Neuroscience Graduate Program
Goals and Philosophies of the Program
Neuroscience, the study of the nervous system, is a highly integrated discipline and one of the most rapidly advancing areas of modern science. The nervous system controls and coordinates all body functions from simple reflexes to highly complex, motivated behaviors. Neuroscience draws upon knowledge developed in many domains, including anatomy, biochemistry, biology, genetics, pharmacology, and psychology, and represents inquiries along a continuum from structural biology of signaling molecules to the understanding of brain function, scientists in this challenging field must cross boundaries dividing traditional specialties and employ multidisciplinary approaches.
Progress in identifying, visualizing and manipulating key determinants of neural development, signaling and plasticity is driven by and inextricably linked to advances in our understanding of nervous system structure and function. The distinguished training faculty of the Vanderbilt Brain Institute Neuroscience Graduate Program at Vanderbilt University reflects the multidisciplinary nature of modern neurobiological inquiry, and is drawn from diverse fields such as Psychology, Biochemistry, Molecular Physiology, and Pharmacology.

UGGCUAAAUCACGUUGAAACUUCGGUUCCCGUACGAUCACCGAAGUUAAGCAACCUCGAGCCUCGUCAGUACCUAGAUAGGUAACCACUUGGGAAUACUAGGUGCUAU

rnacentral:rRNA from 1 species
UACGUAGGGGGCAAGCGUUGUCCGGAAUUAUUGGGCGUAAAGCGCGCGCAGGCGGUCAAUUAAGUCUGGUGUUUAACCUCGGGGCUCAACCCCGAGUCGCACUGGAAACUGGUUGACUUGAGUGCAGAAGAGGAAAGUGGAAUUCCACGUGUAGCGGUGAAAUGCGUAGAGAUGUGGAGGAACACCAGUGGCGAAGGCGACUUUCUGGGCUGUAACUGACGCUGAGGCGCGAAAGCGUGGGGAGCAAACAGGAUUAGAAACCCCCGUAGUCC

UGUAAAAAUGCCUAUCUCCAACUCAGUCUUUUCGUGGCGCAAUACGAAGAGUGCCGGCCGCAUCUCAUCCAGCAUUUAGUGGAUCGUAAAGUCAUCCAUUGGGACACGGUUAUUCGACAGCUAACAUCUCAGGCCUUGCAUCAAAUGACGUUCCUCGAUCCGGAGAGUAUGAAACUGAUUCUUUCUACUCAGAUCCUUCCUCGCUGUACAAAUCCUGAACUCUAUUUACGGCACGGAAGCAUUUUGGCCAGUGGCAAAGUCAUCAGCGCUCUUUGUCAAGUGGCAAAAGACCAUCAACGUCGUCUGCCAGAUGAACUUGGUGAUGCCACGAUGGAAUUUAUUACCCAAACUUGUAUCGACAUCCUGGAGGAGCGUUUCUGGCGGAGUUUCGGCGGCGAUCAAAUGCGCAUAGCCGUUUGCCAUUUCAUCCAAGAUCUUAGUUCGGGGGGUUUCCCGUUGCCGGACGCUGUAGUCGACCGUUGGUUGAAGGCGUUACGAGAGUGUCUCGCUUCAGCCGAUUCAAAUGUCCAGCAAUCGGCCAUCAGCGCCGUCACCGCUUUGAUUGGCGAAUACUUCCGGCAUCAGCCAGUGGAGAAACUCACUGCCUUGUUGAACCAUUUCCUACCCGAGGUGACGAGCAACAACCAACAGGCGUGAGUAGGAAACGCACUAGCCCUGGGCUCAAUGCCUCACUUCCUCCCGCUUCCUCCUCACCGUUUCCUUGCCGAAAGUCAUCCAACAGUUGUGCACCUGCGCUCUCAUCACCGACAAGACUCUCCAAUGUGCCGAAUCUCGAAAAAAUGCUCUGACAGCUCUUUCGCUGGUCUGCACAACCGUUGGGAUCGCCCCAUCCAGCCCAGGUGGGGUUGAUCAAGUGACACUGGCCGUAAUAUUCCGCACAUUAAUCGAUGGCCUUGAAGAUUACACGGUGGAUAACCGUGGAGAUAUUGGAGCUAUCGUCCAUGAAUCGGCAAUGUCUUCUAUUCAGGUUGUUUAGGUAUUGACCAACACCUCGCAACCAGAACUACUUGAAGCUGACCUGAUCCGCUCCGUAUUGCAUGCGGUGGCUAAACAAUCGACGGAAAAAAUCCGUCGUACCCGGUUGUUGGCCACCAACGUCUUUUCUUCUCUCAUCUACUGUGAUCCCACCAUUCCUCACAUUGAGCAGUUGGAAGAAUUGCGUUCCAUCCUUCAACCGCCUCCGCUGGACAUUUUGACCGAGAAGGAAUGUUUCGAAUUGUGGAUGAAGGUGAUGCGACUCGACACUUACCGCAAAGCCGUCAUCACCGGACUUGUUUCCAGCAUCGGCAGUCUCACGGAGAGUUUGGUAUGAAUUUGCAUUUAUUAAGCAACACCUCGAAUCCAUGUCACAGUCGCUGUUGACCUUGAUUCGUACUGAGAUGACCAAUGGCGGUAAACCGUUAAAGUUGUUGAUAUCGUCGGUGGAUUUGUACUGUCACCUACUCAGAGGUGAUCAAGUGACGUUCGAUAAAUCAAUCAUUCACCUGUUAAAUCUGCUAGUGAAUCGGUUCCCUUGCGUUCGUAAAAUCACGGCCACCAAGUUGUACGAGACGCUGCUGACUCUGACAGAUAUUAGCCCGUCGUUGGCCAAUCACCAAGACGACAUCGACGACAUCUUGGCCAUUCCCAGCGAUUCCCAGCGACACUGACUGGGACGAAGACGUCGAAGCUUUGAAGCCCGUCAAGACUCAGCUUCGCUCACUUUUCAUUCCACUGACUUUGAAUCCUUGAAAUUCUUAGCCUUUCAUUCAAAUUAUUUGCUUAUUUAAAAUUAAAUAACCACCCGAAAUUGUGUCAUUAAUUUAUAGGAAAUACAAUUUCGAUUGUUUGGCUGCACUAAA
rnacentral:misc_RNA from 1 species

Vanderbilt’s Neuroscience Graduate Program prepares each student to make significant contributions in neuroscience and fosters development from trainee to independent research scientist and educator. This is achieved by combining sound training in the fundamentals of neural science with more specialized training that focuses on the integration of this knowledge base into a study of nervous system function and disease. Students have the option of a curriculum and research program that emphasizes either Cellular & Molecular or Cognitive & Systems neuroscience, preparing each trainee for a future in which neuroscientists must be able to make the transition from molecules to cells to neural systems and behavior. The training, which combines rigorous course work with opportunities for state-of-the-art research, is designed to prepare graduates for a future in which neuroscientists must be able to make the transition from molecules and cells to neural systems and behavior.
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